Family of Black man killed by cop in Buttigieg’s city wants officer’s pay stopped
Relatives of Eric Logan, who was shot to death by a South Bend, Ind., officer wants the mayor to recommend revoking his salary, but he says that's more complicated than it seems
A South Bend, Ind., family outraged by the police-involved killing of their loved one, wants the city’s mayor, 2020 presidential candidate Pete Buttigieg, to revoke pay for the officer who shot him.
On Tuesday, the family of Eric Logan submitted a petition demanding that South Bend Police Sgt. Ryan O’Neill’s pay be revoked in light of the killing of the father of seven and the questionable circumstances of the case.
The family wants Buttigieg to make a recommendation to have the cop’s pay revoked since he doesn’t have the authority to render that decision.
The fatal shooting has become a political headache for Buttigieg in the midst of his presidential campaign, even though he has tried to address it on the local level.
“It’s unfair to the Logan family, it’s unfair to the taxpayers of South Bend, Indiana, and his friends as well that this officer is receiving his pay from taking a life from this community,” said Vernado Malone, founder of Justice for South Bend said during a press conference on Tuesday, ABC News reports.
“We are asking the mayor and he has a duty to make a recommendation that Sgt. O’Neill be placed on leave, pending investigation, without pay,” Malone said. “The mayor has said he’s with the Logan family, and he wants change in this community. This here is the time, mayor.”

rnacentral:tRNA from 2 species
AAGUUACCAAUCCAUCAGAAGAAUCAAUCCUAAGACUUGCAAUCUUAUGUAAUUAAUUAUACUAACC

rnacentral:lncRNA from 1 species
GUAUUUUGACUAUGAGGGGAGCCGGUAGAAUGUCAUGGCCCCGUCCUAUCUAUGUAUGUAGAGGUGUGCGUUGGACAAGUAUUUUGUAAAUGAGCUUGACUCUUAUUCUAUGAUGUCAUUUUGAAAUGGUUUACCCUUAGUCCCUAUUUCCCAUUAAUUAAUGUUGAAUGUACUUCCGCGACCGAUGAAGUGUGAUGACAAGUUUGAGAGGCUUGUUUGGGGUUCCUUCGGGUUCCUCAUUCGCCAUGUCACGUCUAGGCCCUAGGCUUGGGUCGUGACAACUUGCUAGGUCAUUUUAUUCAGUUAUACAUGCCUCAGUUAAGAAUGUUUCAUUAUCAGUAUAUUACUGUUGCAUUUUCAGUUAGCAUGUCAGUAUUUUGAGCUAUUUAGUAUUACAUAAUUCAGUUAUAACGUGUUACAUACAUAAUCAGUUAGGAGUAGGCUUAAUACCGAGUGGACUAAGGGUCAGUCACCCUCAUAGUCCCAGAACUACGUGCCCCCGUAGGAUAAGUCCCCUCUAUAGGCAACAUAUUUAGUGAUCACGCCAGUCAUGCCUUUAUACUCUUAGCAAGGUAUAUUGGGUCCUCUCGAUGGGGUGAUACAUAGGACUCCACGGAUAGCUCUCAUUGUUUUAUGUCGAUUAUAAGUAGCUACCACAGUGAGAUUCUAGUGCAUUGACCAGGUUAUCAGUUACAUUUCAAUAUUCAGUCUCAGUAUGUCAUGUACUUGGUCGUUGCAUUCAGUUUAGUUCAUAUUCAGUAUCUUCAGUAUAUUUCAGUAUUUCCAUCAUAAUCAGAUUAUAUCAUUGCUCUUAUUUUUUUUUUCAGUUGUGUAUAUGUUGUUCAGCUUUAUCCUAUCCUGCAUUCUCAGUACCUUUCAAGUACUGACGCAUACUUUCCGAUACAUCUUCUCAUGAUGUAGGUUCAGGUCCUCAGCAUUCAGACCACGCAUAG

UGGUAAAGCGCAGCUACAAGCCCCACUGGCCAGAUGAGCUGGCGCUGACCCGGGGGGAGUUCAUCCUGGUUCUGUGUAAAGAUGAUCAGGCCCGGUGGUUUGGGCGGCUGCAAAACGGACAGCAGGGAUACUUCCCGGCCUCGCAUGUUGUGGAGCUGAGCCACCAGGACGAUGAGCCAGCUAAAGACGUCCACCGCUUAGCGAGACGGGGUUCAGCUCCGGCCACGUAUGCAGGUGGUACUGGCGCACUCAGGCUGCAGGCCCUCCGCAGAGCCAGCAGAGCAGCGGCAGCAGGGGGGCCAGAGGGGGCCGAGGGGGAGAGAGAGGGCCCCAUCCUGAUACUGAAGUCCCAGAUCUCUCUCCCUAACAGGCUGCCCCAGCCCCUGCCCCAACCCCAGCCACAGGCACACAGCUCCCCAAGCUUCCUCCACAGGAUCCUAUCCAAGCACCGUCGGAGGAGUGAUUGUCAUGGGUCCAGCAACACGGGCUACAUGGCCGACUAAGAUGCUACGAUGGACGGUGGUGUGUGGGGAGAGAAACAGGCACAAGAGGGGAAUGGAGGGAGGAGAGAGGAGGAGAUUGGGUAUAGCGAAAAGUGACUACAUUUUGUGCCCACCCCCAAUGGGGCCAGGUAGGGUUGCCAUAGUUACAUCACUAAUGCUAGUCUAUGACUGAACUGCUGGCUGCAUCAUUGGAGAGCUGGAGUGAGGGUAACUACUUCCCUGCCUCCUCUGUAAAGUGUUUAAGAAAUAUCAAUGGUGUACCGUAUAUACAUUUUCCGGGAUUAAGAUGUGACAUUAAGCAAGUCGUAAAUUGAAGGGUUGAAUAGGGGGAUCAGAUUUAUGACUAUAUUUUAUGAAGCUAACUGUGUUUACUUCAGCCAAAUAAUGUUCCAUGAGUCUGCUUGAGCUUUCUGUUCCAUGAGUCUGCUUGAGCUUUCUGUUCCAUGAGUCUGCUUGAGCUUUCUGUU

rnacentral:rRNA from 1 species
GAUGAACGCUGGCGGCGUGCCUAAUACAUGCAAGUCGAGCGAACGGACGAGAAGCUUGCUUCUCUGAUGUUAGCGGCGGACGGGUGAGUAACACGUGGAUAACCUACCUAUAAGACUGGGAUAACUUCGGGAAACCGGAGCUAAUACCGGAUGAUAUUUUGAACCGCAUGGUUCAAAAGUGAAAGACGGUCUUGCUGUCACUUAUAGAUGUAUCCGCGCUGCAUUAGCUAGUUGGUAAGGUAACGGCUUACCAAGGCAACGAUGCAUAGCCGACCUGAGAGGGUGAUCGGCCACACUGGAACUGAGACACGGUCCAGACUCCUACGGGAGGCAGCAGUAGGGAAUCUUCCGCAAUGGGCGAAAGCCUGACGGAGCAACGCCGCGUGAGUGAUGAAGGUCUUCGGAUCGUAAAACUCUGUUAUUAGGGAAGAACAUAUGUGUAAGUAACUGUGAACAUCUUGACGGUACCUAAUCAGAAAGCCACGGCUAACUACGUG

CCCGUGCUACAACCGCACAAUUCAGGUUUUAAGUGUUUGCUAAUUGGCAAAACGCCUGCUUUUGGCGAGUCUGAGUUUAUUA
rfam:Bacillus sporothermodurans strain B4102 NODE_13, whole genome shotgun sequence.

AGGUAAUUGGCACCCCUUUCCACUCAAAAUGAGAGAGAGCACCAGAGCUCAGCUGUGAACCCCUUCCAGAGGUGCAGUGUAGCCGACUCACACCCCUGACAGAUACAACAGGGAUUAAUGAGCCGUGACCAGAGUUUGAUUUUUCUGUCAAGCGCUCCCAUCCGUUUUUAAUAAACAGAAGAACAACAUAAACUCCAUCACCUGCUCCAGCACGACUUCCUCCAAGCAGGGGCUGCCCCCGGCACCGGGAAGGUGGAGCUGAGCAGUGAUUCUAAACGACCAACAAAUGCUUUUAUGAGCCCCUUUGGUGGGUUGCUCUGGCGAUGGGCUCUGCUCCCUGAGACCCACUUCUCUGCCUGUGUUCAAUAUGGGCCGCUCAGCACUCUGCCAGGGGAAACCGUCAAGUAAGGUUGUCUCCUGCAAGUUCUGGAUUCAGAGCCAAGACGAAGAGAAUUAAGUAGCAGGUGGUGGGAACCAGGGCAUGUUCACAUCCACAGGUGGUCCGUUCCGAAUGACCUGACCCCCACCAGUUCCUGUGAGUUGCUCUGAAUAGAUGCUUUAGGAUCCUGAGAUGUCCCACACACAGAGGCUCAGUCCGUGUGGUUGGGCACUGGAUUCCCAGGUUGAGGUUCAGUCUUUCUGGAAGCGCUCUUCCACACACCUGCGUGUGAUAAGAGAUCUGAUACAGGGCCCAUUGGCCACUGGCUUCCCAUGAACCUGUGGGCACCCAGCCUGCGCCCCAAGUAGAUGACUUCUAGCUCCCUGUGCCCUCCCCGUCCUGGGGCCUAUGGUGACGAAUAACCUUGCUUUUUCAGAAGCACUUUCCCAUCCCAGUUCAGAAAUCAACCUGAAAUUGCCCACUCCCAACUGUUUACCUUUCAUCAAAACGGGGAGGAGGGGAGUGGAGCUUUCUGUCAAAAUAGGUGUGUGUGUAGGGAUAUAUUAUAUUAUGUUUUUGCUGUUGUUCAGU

“This is the time, Mayor Pete, to step up and make your own demands and changes,” he said. “You don’t need a police board or anybody else. We are asking you, as our mayor, to obey this demand that we will be giving you today.”
Logan, 54, was killed June 16 when O’Neill fired his weapon during an incident that took place as the officer followed up on a report of car break-ins in the downtown area.
The officer defended shooting Logan saying he confronted him in a parking lot and only shot him after he threatened him with a knife. But this remains unconfirmed because O’Neill did not have his body camera on at the time of the incident.
The family of the victim strongly opposes O’Neill’s narrative of events. The family has since filed a civil rights lawsuit.
Buttigieg does not have the power to directly revoke O’Neill’s pay, and he told ABC News on Tuesday that South Bend’s Public Review Board is charged with making that decision.
“It’s a board of safety. It’s five civilians appointed by the mayor, who meet and receive evidence and in a transparent and accountable process, decide on matters like this,” he said. “I know that some people imagine that a mayor sits up there in the office and decides who’s in trouble, who’s fired, who goes up and who goes down.”
“But we have a legal system here and it’s constraining and it’s frustrating,” he added.